Whistler Emergency Program
The Whistler Emergency Program coordinates the processes and procedures for mitigating against, preparing for, responding to, and recovering from large-scale emergencies.
Working in collaboration with local first response agencies, Emergency Management British Columbia and other external organizations the Whistler Emergency Program is responsible for the development and implementation of plans and programs to protect the community during large-scale emergencies.
Click here to view the Resort Municipality of Whistler (RMOW) Emergency Plan.
Whistler marks Emergency Preparedness Week (May 5 to 11, 2013)
The week of May 5 to 11, 2013 is Emergency Preparedness Week across Canada and the Resort Municipality of Whistler (RMOW) is taking this opportunity to raise awareness about emergency preparedness and provide information to help residents get prepared for emergency situations.
Living in the Sea-to-Sky corridor, our ability to respond to emergencies such as power outages, rock slides, and flooding is critical. The RMOW works closely with partners and agencies involved in emergency response and together they are continuously improving Whistler’s emergency plans, but emergency preparedness is everyone’s responsibility—from individuals, families, employers, businesses, health providers, to every level of government.
Emergency events such as earthquakes, floods and extreme weather are not preventable but planning can help lessen the impacts of such events. Preparation is important and plans should include the entire family (individuals and pets), neighbours and employers.
Emergency Preparedness Week Activities:
Tuesday, May 7
Hosted by the RMOW in conjunction with the Emergency Preparedness for Industry and Commerce Council.
Whistler Library (4329 Main St., Whistler B.C.)
1 to 3 p.m.
Saturday, May 11
Hosted by the RMOW
Whistler Library, (4329 Main St., Whistler B.C.)
1 to 2 p.m.
Brought to you by the RMOW’s Emergency Social Services team
Nesters Market (7019 Nesters Rd., Whistler, B.C.)
10 to 2 p.m.
Hazards, Risk and Vulnerability Assessment
The RMOW has completed a Hazard, Risk and Vulnerability Assessment (HRVA) to better prepare the community for the types of emergency events Whistler may experience.
The assessment considers:
- The hazards that could threaten Whistler;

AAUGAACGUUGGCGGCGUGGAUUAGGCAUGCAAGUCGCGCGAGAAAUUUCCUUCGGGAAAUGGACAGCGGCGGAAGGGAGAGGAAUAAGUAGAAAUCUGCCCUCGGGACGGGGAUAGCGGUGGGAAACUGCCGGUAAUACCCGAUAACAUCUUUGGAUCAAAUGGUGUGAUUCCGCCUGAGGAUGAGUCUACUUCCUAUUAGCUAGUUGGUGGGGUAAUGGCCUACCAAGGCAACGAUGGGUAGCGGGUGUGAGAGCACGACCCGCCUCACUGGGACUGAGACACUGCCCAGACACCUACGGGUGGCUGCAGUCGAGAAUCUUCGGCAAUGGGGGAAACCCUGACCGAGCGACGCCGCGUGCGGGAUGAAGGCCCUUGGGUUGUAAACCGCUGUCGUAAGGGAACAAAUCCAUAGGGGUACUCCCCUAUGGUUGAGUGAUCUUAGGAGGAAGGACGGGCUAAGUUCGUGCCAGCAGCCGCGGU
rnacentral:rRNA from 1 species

- The level of impact each hazard may present; and
- The likelihood of various emergency events occurring.
In addition, the assessment provides detailed information on Whistler’s essential emergency facilities, resources, and response capabilities. The RMOW has identified 32 local hazards, five with a high-hazard rating.
Download the June 2012 Hazard, Risk, and Vulnerability Assessment.
How can Whistler Residents and Businesses Prepare?
Wildfires, flooding, earthquakes, hazardous materials spills and other hazards could threaten Whistler. Residents and businesses must be prepared to be self sufficient for at least 72 hours following a major emergency. During an emergency, you and your family could be on your own for an extended period of time. Emergency services may not be readily available, as increasing demands are placed on responders. It may take emergency workers some time to get to you as they help those in most critical need.
Volunteers are a crucial part of the Whistler Emergency Program:
- The Whistler Search and Rescue team search for, and provide aid, to people who are in distress or imminent danger.
- The Whistler Emergency Social Services team provides short-term (generally for 72 hours) shelter, food, clothing and emotional support to evacuees.
- The Emergency Communications team provides a means for emergency communications when phone lines, cell phones and other conventional means of communications fail.
For more information on the Whistler Emergency Plan, contact 604-935-8473.
Visit www.getprepared.ca for information on making a plan and building an emergency kit.
BC Coalition of People with Disabilities: Emergency Preparedness
Since 2006, the BC Coalition of People with Disabilities (BCCPD) Emergency Preparedness Project has been a leader in promoting the inclusion of people with disabilities in emergency preparedness in British Columbia and Canada.
The BCCPD and Volunteer Canada, have trained 20 trainers from disability organizations and volunteer centres from BC, Yukon, Alberta, Ontario and New Brunswick to deliver community training in emergency planning for people with disabilities.
The training manual, Prepare to Survive - Prepare to Help, is full of exercises and resources for community groups who want to play a role in emergency planning and response in their communities.
Click here for more information.